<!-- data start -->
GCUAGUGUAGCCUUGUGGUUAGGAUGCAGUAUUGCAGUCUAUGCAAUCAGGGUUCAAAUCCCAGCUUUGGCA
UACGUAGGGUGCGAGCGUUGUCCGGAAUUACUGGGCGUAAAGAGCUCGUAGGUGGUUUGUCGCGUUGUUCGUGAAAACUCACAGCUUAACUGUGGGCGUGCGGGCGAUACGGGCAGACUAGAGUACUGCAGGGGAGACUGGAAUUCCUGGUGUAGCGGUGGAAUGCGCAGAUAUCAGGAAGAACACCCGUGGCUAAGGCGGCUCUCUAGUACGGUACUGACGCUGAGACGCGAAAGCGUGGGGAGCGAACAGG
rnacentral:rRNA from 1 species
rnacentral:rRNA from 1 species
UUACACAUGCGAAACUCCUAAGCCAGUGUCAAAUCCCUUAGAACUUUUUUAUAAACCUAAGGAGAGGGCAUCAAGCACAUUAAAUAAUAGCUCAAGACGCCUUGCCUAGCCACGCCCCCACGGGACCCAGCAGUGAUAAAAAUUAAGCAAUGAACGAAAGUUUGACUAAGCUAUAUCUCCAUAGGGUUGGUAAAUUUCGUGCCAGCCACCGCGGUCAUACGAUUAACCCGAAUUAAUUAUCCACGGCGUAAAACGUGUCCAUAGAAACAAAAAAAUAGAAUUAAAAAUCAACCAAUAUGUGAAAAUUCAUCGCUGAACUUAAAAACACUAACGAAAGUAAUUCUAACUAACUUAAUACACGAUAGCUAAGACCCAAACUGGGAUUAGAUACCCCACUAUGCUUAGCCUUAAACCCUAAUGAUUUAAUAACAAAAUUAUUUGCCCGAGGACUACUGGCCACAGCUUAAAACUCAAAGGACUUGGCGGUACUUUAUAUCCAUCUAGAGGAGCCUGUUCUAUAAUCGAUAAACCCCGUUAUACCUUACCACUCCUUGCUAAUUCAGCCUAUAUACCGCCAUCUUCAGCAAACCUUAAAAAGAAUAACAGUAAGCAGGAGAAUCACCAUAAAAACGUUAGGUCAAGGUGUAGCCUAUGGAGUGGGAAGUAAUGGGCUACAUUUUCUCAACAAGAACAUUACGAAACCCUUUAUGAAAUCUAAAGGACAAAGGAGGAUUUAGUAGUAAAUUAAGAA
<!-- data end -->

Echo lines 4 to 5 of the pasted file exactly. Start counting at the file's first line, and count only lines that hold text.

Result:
rnacentral:rRNA from 1 species
UUACACAUGCGAAACUCCUAAGCCAGUGUCAAAUCCCUUAGAACUUUUUUAUAAACCUAAGGAGAGGGCAUCAAGCACAUUAAAUAAUAGCUCAAGACGCCUUGCCUAGCCACGCCCCCACGGGACCCAGCAGUGAUAAAAAUUAAGCAAUGAACGAAAGUUUGACUAAGCUAUAUCUCCAUAGGGUUGGUAAAUUUCGUGCCAGCCACCGCGGUCAUACGAUUAACCCGAAUUAAUUAUCCACGGCGUAAAACGUGUCCAUAGAAACAAAAAAAUAGAAUUAAAAAUCAACCAAUAUGUGAAAAUUCAUCGCUGAACUUAAAAACACUAACGAAAGUAAUUCUAACUAACUUAAUACACGAUAGCUAAGACCCAAACUGGGAUUAGAUACCCCACUAUGCUUAGCCUUAAACCCUAAUGAUUUAAUAACAAAAUUAUUUGCCCGAGGACUACUGGCCACAGCUUAAAACUCAAAGGACUUGGCGGUACUUUAUAUCCAUCUAGAGGAGCCUGUUCUAUAAUCGAUAAACCCCGUUAUACCUUACCACUCCUUGCUAAUUCAGCCUAUAUACCGCCAUCUUCAGCAAACCUUAAAAAGAAUAACAGUAAGCAGGAGAAUCACCAUAAAAACGUUAGGUCAAGGUGUAGCCUAUGGAGUGGGAAGUAAUGGGCUACAUUUUCUCAACAAGAACAUUACGAAACCCUUUAUGAAAUCUAAAGGACAAAGGAGGAUUUAGUAGUAAAUUAAGAA